I just returned from a road trip from Texas to Illinois, crossing through Oklahoma and Missouri on the way. Much of this trip took us along Route 66. As any seasoned road-tripper knows, one passes ancient gas stations and Greyhounds. (We called them Road Dawgs when I worked there.) Truckers and trains. Red barns in various stages of beautiful decay. Yawning green pastures dotted with all forms of newly born animals. Fruit stands selling local plums and peaches. Waterways with names like Honey Creek and Boggy River. And of course, classic roadside stops like Stuckey's and Love's whose lore and reputation precede them. All in all, a far cry from life here in Botoxed Big D. (Oh, she is beautiful in her own way. Don't get me started about the Texas sky and sunsets. Still. The heartland is different.)
This road-trip scenery made me wonder at all the interesting lives being lived across rural America. The young farmer who fights a war of loyalties between staying with the decades long, maringally profitable family farm or leaving to pursue his own dreams. The rural housewife, feeling her days of fresh ingenue wilting, who wishes she might have other places to buy a dress in her size than Price Barn. The solitary truckers, so many truckers, whose job it is to haul the stuff you and I buy and have come to assume will be on the store shelf when we need it. The fruitstand sellers who sit in one place and watch America zip past them daily, regularly meeting city-slickers who stop there for the whimsy of buying a homegrown tomato.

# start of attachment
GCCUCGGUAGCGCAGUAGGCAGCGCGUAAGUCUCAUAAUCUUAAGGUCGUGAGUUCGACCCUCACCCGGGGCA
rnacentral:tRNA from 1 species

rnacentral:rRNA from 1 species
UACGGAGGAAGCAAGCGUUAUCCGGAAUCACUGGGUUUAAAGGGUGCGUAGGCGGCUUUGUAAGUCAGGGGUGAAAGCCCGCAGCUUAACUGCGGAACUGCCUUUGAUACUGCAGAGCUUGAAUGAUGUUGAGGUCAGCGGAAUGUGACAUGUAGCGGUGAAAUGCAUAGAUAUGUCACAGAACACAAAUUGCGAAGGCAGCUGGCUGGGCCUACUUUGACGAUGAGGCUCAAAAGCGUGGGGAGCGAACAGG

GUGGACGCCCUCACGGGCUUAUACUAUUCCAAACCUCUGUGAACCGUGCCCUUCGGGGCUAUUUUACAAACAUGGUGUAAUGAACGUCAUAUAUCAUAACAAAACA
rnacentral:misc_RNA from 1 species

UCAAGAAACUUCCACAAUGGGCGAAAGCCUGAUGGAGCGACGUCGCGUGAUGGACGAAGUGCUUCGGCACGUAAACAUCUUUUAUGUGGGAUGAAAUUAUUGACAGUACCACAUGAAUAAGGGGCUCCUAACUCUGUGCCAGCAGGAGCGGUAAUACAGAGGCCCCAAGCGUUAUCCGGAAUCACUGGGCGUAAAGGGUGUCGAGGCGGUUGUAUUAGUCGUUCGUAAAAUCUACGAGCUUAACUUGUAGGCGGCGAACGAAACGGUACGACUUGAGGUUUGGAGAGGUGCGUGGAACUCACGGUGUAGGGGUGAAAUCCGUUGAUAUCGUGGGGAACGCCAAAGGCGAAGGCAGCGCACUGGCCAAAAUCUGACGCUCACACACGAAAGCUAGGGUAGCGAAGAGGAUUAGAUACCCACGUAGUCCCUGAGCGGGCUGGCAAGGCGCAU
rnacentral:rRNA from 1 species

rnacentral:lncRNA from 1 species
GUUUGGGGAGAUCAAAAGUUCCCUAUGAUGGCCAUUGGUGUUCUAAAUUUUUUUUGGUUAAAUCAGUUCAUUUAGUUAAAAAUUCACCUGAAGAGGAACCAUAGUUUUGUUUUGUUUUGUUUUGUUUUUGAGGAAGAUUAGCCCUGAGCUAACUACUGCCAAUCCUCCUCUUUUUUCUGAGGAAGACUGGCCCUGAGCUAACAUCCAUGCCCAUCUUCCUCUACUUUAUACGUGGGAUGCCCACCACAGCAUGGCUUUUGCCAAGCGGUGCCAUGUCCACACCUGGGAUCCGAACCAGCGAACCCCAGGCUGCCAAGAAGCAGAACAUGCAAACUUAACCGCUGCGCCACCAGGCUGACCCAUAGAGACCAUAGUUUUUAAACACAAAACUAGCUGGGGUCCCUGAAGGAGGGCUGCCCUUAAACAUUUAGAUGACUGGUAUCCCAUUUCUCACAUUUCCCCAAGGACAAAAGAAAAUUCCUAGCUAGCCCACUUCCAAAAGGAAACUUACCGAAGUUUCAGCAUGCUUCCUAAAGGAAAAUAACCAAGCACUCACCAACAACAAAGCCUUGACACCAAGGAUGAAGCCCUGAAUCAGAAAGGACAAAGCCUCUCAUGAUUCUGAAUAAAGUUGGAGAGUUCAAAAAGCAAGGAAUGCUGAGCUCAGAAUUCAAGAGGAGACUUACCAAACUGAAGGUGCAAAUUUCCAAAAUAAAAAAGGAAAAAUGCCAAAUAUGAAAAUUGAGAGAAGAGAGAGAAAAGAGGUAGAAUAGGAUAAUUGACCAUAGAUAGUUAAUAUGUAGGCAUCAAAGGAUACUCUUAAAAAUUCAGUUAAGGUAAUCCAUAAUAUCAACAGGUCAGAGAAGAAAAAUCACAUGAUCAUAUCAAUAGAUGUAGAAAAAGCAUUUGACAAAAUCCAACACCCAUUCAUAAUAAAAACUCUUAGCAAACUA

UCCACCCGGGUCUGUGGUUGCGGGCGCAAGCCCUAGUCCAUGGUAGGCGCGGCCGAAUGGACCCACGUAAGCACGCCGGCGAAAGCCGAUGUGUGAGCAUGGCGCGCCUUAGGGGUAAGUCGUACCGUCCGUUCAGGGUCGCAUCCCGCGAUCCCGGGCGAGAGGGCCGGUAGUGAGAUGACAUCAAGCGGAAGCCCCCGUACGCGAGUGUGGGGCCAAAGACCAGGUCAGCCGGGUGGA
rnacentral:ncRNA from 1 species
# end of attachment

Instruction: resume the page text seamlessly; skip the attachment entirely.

All of this scenery reminds me of a scene I wrote a long time ago where a man says to a girl in a bar, "You are always more interesting when you are from someplace else."
Clearly, I still think that's true .
Heartland America is where the honest stories must be. And doesn't it make you want to write a story about her the way John Mellencamp can write a song?